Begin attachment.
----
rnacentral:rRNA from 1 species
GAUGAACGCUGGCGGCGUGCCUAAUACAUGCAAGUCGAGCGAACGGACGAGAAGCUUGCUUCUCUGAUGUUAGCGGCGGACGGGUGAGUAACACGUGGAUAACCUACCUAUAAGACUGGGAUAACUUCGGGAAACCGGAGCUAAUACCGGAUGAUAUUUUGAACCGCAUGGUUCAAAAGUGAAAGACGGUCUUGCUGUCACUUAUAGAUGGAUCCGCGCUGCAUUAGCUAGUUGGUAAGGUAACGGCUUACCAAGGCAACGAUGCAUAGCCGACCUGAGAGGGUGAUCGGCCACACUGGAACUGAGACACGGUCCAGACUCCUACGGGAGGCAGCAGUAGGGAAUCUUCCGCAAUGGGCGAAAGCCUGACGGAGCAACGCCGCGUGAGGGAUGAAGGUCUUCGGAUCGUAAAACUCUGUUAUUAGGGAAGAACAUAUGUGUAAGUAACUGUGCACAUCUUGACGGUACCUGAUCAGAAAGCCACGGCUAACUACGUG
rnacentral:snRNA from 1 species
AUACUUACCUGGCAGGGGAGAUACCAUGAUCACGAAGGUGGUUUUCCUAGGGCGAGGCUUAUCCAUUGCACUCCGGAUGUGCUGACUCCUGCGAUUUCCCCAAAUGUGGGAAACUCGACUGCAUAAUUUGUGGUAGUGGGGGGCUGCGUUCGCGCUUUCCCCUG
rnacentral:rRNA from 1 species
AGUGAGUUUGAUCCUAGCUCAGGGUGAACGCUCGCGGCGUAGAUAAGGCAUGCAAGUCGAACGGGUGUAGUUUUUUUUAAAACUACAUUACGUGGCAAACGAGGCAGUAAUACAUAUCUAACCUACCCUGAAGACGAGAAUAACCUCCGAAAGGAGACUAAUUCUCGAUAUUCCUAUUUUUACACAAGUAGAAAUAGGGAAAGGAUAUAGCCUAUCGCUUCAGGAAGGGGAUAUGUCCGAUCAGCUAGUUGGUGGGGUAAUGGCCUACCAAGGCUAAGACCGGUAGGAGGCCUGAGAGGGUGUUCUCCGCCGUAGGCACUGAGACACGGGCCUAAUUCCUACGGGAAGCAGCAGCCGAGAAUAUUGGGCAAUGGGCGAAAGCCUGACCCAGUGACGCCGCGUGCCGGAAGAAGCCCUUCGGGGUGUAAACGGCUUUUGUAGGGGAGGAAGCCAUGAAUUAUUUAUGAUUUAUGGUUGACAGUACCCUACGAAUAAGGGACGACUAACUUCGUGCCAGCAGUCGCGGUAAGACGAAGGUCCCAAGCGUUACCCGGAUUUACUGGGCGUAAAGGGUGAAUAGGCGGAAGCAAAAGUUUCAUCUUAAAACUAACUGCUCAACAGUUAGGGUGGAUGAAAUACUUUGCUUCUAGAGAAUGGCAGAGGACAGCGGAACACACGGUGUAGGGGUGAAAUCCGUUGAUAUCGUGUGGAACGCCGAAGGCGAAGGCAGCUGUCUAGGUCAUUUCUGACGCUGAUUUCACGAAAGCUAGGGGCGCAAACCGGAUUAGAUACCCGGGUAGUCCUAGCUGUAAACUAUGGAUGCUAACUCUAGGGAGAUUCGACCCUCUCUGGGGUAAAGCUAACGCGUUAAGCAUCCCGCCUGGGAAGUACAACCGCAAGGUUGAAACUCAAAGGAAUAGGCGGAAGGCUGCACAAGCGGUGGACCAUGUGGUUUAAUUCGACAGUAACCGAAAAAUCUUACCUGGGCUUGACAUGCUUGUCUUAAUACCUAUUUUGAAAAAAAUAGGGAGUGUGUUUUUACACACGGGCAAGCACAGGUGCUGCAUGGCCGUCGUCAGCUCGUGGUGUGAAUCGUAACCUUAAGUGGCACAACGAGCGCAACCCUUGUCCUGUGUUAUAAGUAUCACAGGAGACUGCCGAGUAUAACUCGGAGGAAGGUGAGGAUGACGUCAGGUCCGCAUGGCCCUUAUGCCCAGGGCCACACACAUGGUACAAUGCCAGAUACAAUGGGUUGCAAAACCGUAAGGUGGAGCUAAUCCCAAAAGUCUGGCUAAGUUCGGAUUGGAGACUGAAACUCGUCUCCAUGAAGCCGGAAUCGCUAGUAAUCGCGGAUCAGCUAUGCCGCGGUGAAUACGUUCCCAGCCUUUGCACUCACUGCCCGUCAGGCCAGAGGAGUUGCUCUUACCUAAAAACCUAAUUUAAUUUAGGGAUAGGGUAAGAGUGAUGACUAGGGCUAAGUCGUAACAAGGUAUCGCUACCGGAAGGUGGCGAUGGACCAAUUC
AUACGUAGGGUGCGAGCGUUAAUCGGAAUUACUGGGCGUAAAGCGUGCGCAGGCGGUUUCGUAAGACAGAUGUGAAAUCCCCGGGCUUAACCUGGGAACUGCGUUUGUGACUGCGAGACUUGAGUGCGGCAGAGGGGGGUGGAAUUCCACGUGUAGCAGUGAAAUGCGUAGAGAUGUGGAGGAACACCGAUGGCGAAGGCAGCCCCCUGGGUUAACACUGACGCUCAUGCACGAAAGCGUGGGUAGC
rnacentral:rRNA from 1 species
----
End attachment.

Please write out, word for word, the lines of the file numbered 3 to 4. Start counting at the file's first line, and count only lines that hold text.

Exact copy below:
rnacentral:snRNA from 1 species
AUACUUACCUGGCAGGGGAGAUACCAUGAUCACGAAGGUGGUUUUCCUAGGGCGAGGCUUAUCCAUUGCACUCCGGAUGUGCUGACUCCUGCGAUUUCCCCAAAUGUGGGAAACUCGACUGCAUAAUUUGUGGUAGUGGGGGGCUGCGUUCGCGCUUUCCCCUG